Smallville: The Complete Seventh Season (2007)
|Genre(s): Action / Drama / Science Fiction|
|Warner Brothers || NR - 827 minutes - $59.98 || September 9, 2008|
|Reviewer: Brian Oliver || Posted On: 2008-09-13|
Writer(s): Joe Shuster & Jerry Siegel (created by); Alfred Gough & Miles Millar (developed by)
Cast: Tom Welling, Michael Rosenbaum, Kristin Kreuk, Allison Mack, Erica Durance, Aaron Ashmore, Laura Vandervoort, John Glover
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Note: Other than the video and audio portions, the rest of this is taken from my Blu-ray review.
“Smallville” is one of CW’s strongest and longest running series dating back to the now defunct The WB channel. It’s also a show that has received plenty of criticism from loyal fans as the storylines have meandered along and characters change from good to bad and back again. The one thing I do give this season credit for are more winks and nods to ‘Superman’ comic book and movie fans throughout.
“Smallville: The Complete Seventh Season” opens where season six left off: the potential destruction of Smallville and the surrounding area! We also have the “demise” of Lana Lang (Kreuk) supposedly at the hands of her ex-husband, Lex Luthor (Rosenbaum). Lex’s own life is in danger as, after being arrested, is stuck in the back of a cop car which subsequently falls into a river (after a dam gives flooding the area). He is soon saved by a gorgeous woman who becomes his obsession. Also in danger are Chloe (Mack) and Lois (Durance) who are stuck inside the dam, with no way out and Chloe in a coma.
Meanwhile, Clark Kent (Welling) must deal with a Phantom Zone escapee who took some of Kent’s DNA to replicate him. Kent discovers this “Bizarro Clark Kent” has all his traits and powers, but psychologically is the opposite in terms of emotion (as well as what can hurt him).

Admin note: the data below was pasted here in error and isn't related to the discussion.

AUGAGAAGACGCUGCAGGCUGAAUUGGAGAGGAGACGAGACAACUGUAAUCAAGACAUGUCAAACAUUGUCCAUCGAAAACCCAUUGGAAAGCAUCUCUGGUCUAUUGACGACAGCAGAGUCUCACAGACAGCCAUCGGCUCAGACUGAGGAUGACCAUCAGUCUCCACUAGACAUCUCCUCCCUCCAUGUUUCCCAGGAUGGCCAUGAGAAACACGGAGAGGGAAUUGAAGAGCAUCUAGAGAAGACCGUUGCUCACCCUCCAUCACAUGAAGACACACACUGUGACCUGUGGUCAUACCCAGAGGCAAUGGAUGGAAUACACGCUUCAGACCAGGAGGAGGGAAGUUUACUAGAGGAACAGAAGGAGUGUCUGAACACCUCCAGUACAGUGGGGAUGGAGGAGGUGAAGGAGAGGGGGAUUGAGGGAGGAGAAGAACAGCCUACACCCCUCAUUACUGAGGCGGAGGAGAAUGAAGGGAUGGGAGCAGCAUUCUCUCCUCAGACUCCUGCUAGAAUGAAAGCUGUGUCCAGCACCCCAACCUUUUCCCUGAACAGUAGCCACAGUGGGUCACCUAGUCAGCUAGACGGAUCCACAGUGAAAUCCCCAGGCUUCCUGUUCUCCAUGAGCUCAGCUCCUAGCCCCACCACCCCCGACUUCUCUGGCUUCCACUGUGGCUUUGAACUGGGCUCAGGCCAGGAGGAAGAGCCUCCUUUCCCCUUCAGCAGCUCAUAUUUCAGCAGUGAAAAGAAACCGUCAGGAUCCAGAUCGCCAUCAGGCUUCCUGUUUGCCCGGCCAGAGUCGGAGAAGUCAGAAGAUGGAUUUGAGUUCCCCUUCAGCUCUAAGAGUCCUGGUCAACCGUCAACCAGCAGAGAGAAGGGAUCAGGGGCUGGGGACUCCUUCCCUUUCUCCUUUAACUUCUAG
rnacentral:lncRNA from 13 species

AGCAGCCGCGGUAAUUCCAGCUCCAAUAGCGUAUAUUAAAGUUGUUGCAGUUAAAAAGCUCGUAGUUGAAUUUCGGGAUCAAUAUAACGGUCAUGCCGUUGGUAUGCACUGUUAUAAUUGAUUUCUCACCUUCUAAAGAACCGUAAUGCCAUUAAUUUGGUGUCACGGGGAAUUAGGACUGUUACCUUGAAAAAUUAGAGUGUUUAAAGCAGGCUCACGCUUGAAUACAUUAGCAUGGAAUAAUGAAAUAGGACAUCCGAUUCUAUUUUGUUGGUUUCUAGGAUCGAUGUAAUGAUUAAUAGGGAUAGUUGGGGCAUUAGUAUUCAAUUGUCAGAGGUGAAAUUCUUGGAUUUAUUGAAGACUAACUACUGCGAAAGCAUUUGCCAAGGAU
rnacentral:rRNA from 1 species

After the premiere, the rest of this season has Lex and his father, Lionel Luthor (Glover) still at odds with Lex finding a new obsession with a secret organization known as The Da Vinci... err... Veritas which was made up of Lionel Luthor, Robert and Laura Queen, Edward and Genevieve Teague, and Virgil (introduced in season 2) and Patricia Swann. Of course, being a strong Luthor, Lionel wanted the power the organization was protecting (namely, the identity of the man known as “The Traveler” aka Clark). Wanting to prevent any one person having the power to control “The Traveler”, the artifacts were kept separate, though with each day, Lex came closer to finding it.
The season also introduces Kara aka Supergirl played by the lovely Laura Vandervoort, who kind of reminded me of Katie Holmes. Anyway, Kara was sent to Earth not too long after Kal-El but her spaceship crashed into a reservoir and she was stuck in suspended animation since the time Clark arrived in 1989. With the dam breaking, Kara was also released and she sets off to find Kal-El, who she thinks is still a baby. After finding Clark, the Kara story mainly has her adjusting to life on Earth as well as involved in what I could only call a soap opera plotline where she loses her memory. Luckily, this only really lasts 2 or 3 episodes, but it certainly was not the bright spot on an already average season. That being said, I did like a couple story ideas: expanding and developing Clark Kent’s origins on Krypton as we get to see his mother and actually return to Krypton before its destruction.
Despite the numerous flaws including hodgepodge season-long storylines, average writing and sometimes stilted performances, I’ve enjoyed “Smallville” over the years. No, it’s not fine entertainment even for the genre, but as a comic fan and someone who grew up reading ‘Superman’ comics, it was a joy to watch every episode even if certain scenes were just plain silly. One such instance has Lex shooting out a window and after a 2-3 minute conversation, pushes someone out to their death. Oddly enough, the police suspect it was suicide and right outside want Lex to identify the body right in front of spectators. I realize this is just being nitpicky, but come on, they’re not even trying.